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Our '49 Buick Roadmaster




I always admired the 49 Buicks as they were the first fresh new Buick styling after WWII. However they did retain a bombsight hood ornament.

 

It was also the first year for Buick's first portholes. Four meant you had the expensive Roadmaster or Century, and three portholes appeared on the less costly Super or Special.

 

Bill Wells, owner of Wells Foundry in London had a red one that was an older rust-free restoration that still looked good and drove excellent. I bought it from him in 1983.  I enjoyed the car but Sonny Chisholm in town kept bugging me to sell it to him and in about a year’s time I did. He also enjoyed it the way it was but eventually had it repainted in red and reupholstered in Clinton and it looked great. Several years later, Sonny passed away and the car became mine again for awhile. After selling him that car I really missed it and searched all the USA for another one and eventually my friend Lyall Trenholm from Shakespeare phoned and told me I should check this one out that he had seen advertised. It was owned by a John Whitaker in LaHarpe Illinois and was a 30,000 actual mile 49 Roadmaster Convertible with the ultra rare sweepspeare trim. This big chrome side spear trim was only available on the convertible after June of 49. It had first appeared on the first Riviera Buick that came out also in 49 and people loved its look.

 

On Oct. 20/85 I bought it sight unseen and we agreed to meet in the parking lot of the Henry Ford Museum to exchange car to me, money to him. That’s almost 40 years ago now and we still have that car and it’s a family pet.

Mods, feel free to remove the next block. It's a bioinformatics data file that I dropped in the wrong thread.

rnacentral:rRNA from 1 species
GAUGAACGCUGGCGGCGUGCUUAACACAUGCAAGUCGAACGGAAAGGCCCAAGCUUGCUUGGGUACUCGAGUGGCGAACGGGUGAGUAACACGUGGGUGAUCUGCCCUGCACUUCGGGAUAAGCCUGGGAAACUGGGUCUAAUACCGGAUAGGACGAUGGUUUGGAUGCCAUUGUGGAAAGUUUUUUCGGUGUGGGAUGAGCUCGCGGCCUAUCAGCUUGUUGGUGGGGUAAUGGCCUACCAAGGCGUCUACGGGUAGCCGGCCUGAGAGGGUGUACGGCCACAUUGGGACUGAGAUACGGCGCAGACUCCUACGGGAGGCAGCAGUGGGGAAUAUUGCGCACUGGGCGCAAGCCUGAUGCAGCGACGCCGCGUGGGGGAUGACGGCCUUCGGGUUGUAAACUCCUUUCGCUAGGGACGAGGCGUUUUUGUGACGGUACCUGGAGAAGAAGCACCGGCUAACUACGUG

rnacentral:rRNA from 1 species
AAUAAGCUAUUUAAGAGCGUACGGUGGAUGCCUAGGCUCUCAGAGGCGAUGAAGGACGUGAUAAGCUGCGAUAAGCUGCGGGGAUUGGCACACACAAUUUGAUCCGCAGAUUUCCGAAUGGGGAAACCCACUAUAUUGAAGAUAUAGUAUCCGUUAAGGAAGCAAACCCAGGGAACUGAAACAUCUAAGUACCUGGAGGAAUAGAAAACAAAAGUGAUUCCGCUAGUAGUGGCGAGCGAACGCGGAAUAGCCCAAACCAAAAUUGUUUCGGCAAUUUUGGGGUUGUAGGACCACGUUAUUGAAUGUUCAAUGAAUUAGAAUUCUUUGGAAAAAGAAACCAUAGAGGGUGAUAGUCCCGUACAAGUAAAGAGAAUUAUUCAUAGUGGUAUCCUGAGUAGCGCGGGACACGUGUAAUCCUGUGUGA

I did do a lot of work myself getting it ready for restoration, like removing interior, bumpers, chrome etc: When it was finished and in its beautiful Sequoia Cream colour, it was a standout and still is. The restoration still looks fresh to this day. We drove that car to shows in New York State, Niagara Falls, many times to Flint and it was a first place winner every time it was shown.

 

A new President came into office at GM world headquarters in Detroit. It seemed that the 49 Buick model like mine was his favourite car and he wanted pictures of one in his office. Somehow they located me and I arranged with photographer extraordinaire Malcom Campbell to do the photo work. Often wondered what his bill to GM was!

 

After that my car became the poster car for the Cranbrook Michigan Concours, its on a tie, its on Hagerty Insurance Company badges, Franklin Mint made an exact model, its on a Buick poster put out by GM showing every year and my car represented the 49 model year.

 

When you walk into my building it’s the first car you see and with its smiling at you large grille it’s impossible to be upset at anything.

 

We plan to have its picture on our tombstone but don’t look for it to soon!




 


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